Hammersmith & Fulham Council is set to raise £650m to acquire the beleaguered Earls Court development.
The purchase would be the largest local authority real estate acquisition to date.
The council will look to purchase the 20 acres of land, initially through negotiations with Earls Court Partnership, a joint venture between Capital & Counties and Transport for London, and move on to a compulsory purchase order if required.
The cabinet has approved a programme which will see it masterplan the development and launch a search for a private sector partner to finance it, as well as explore alternative funding options.
It will aim to launch negotiations with the jv in February, and will initiate CPO preparations in June, to be issued in September next year. This timeline anticipates vacant possession at the end of 2021.
Recommendations from Avison Young estimate the acquisition will cost around £650m, based on the most recent Earls Court Partnership accounts, with a further £1.5bn required to fund development. The £650m is based on market value estimation of the two plots at £617m and £33m in stamp duty land tax and professional fees.
Council leader Stephen Cowan said in a social media post: “My fellow Labour councillors and I [have] voted to undertake the biggest compulsory purchase order by any council in modern history.
“The scheme is dead and Capco admit it’s ‘undeliverable’… after five years of dealing with them, it’s hard to believe a word they say. So when markets fail, governments step in. That’s what Hammersmith & Fulham Labour are doing.”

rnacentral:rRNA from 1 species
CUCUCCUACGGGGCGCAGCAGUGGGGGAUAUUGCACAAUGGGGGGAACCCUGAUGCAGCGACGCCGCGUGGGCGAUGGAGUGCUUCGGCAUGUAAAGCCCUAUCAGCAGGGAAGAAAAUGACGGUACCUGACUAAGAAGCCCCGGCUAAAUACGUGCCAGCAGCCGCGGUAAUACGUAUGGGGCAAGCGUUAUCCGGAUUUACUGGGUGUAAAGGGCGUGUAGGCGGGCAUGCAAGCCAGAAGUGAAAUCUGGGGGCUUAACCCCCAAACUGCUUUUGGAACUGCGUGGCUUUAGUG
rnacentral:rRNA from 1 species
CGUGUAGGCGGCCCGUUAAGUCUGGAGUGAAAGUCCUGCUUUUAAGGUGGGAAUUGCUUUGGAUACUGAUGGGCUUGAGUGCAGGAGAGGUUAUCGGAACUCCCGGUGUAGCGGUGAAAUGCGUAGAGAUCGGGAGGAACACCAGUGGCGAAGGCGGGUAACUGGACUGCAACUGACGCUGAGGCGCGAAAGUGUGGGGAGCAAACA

An Earls Court Partnership spokesman said: “Earls Court Partnership Limited is advised that [London Borough of Hammersmith & Fulham] has not demonstrated that it has a credible position in relation to CPO, a process which is only likely to slow down the Earls Court scheme and delay the range of public benefits that could arise from the opportunity area.”
‘Significant upfront cost’
Avison Young stressed in its recommendations the “significant upfront cost to the council”, which will seek to finance the land acquisition through prudential borrowing, public sector funding, bond financing and investment partner funding.
Hammersmith & Fulham Council cabinet documents state: “This project has completely stalled over the last six years, with only demolition of the exhibition centres taking place.
“The council’s aim is to unblock the stalemate, to accelerate the delivery of the homes and increase the number of genuinely affordable homes in the borough across the masterplan area.”
Capco received consent for its £12bn masterplan in 2013, seeking to deliver 7,500 homes alongside improvements to transport, parks and amenities. However, it has struggled to unlock the site, with values plummeting from £1.27bn in 2015 to £617m this year.
In February, Hammersmith & Fulham Council announced plans to CPO the former exhibition jv land and the Lillie Bridge Depot site, which is owned by TfL.
The council has opted not to CPO TfL’s 20-acre operational depot site, instead progressing discussions with the transport body over how it can aid delivery. The council will seek legal advice regarding the acquisition of land in the Royal Borough of Kensington and Chelsea.
The news comes as major players in the private sector vie for Capco’s 63% stake in the jv. The developer has been approached by CK Asset Holdings, Canary Wharf Group and Berkeley Group.
Earlier this month it said it had entered into due diligence and commercial terms with buyers deemed acceptable by stakeholders. If a sale does not progress “satisfactorily”, it will publish demerger plans at the end of the month.
According to Radius Data Exchange, the largest local authority real estate deal to date has been Spelthorne Council’s £360m Sunbury-on-Thames business park buy from BP in 2016. Local authorities have spent some £6.5bn on commercial real estate since 2013.